The Texas Council for Developmental Disabilities (TCDD) plans to award funds for up to three projects that will promote collaborations to develop new or existing technologies. The hope is that the technologies will enable people with developmental disabilities to participate more fully in society since the number of people with disabilities is expected to increase as baby boomers acquire disabilities as they age and/or soldiers return home with injuries.
Some technological tools frequently used by people with developmental disabilities are specialized and disability-specific which means that these technologies typically are in the category of assistive technologies. However, many of the tools that can improve the quality of life for people with developmental disabilities can also be used by consumers that don’t necessarily have disabilities.
Some examples include smart phones and related software applications, social networking tools, subtitles for language translation, voice-recognition software, global positioning systems can also help people with cognitive disabilities move about independently.
Since technologies being developed for the public are not necessarily related to disabilities, with adaptations and proper marketing these technologies might also assist people with disabilities live more independently. Also these technologies can include remotely operated robotic tools, long range monitoring and sensing equipment, microchip-enhanced cards or wristbands, and tablet computers with software applications.
Although it is recognized that there is an obvious financial benefit for technology companies to market their new technologies to the general public but at the same time, these companies should market these same technologies to people with developmental disabilities.
This TCDD RFP (Enabling Technology: Collaborating for the Future #2011-05) requests that partners work together to implement an innovative model to demonstrate how existing or new generic technologies can be used in a cost-effective way to support people with developmental disabilities reach their education and/or employment-related goals. A model may be considered innovative if it is not currently in existence in Texas but has been demonstrated to be effective in other states or countries.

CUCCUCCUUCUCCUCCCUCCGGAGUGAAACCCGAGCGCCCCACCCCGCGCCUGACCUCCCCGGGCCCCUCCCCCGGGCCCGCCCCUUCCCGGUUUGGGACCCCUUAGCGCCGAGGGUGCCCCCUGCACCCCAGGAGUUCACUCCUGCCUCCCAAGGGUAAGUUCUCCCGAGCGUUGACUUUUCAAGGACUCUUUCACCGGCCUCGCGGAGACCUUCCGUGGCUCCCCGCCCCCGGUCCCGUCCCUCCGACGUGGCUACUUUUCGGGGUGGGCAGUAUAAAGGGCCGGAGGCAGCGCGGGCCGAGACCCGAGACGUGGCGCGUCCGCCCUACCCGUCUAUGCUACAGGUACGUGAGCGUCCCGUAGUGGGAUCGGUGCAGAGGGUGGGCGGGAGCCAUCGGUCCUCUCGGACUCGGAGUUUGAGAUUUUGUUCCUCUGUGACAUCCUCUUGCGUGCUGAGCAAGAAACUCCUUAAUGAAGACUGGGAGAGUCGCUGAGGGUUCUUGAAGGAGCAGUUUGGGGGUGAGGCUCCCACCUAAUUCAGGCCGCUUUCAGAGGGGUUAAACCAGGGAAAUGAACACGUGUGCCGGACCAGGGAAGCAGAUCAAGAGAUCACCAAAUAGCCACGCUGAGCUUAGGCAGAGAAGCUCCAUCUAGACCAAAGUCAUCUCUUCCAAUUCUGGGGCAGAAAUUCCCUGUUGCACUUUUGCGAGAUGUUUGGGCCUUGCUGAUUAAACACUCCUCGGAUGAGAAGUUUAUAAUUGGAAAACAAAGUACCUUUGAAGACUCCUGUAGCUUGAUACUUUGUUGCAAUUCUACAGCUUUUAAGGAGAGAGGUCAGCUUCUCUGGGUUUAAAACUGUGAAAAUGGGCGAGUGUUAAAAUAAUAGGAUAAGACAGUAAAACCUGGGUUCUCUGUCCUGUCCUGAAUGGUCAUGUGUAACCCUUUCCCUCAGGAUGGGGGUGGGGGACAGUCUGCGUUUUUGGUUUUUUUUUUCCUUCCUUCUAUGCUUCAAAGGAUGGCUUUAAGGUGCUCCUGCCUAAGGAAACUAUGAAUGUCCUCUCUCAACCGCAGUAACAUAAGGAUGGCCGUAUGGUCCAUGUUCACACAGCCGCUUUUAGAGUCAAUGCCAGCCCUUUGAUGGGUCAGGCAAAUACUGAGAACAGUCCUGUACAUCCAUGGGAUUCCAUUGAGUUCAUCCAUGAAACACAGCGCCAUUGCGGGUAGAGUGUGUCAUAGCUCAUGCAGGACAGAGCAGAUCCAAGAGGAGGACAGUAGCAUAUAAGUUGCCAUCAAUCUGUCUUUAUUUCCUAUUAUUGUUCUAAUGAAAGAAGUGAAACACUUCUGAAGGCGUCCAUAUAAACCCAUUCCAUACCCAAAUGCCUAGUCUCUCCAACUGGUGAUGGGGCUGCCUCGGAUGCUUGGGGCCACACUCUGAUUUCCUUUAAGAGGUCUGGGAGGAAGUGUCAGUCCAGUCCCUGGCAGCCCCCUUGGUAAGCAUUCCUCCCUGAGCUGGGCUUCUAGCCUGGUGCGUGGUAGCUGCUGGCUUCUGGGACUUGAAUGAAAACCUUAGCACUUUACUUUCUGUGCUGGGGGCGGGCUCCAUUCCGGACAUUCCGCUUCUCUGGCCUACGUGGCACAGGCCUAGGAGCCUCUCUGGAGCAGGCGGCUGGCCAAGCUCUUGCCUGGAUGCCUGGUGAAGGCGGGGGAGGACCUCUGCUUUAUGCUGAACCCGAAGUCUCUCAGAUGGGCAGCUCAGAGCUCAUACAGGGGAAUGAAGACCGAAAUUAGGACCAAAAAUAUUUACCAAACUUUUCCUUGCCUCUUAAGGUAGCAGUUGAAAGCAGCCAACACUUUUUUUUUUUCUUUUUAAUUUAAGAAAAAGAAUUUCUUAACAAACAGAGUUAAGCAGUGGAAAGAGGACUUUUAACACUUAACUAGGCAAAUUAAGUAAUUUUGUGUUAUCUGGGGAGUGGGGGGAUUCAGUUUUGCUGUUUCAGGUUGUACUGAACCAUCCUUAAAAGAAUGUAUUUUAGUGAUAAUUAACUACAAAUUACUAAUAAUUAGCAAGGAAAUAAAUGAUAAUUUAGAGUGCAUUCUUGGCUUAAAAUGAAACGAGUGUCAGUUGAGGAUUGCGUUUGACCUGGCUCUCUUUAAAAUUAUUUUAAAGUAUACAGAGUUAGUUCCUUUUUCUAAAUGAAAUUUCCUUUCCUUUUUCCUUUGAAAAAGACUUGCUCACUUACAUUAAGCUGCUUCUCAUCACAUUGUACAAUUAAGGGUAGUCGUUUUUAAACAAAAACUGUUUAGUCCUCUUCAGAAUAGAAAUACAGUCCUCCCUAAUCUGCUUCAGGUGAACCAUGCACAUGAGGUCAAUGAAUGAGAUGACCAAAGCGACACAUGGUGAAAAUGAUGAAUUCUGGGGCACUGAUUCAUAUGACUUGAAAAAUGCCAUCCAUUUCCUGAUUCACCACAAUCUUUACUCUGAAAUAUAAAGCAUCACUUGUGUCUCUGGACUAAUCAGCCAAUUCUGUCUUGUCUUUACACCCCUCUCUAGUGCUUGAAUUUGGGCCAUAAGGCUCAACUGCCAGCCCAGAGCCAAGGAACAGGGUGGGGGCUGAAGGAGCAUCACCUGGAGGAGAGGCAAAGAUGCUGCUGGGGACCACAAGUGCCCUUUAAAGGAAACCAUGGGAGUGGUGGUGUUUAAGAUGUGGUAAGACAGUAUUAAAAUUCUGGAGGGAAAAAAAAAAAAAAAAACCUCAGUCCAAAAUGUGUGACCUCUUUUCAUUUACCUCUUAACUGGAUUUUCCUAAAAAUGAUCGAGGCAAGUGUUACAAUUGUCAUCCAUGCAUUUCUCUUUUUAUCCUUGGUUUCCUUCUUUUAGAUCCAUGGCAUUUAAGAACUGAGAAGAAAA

One partnership stipulation is that people with developmental disabilities and/or their family members must be involved in the design, implementation, and evaluation of activities funded by this grant. Each partnership must serve and/or benefit at least ten people who have disabilities.
Applicants are encouraged to be creative in the development of a project idea. TCDD intends to demonstrate approaches that are new or relatively unknown in Texas. Some suggestions for project ideas may include:
• Using remote monitoring/sensing technology, accessible communication equipment to support individuals on the job or attending school
• Exploration and or piloting the use of robots for simple tasks in school or the workplace
• Expanding social connectivity technology to bring about tangible changes in daily lives
• Demonstrate how face recognition software and or gaming technology may support or develop skill in recognizing and responding to social cues in the workplace or in school
Eligible grant applicants can include public agencies, private not-for-profit agencies, schools, and private for-profit organizations.
Up to $750,000 per year is available for the three projects from TCDD with the proposal due July 28, 2011. Telephone conferences were held in June but you do not have to participate in the telephone conference to apply for this grant.
Go to www.txdcc.state.tx.us/grants_projects/rfpcollab2011-05.asp to find individuals and organizations seeking partners to collaborate to develop a proposal.
Go to www.txddc.state.tx.us/grants_projects/rfp2011-05.asp to view the RFP or email Joanna Cordry at Joanna.Cordry@tcdd.state.tx.us or call (512) 437-5410 for more information.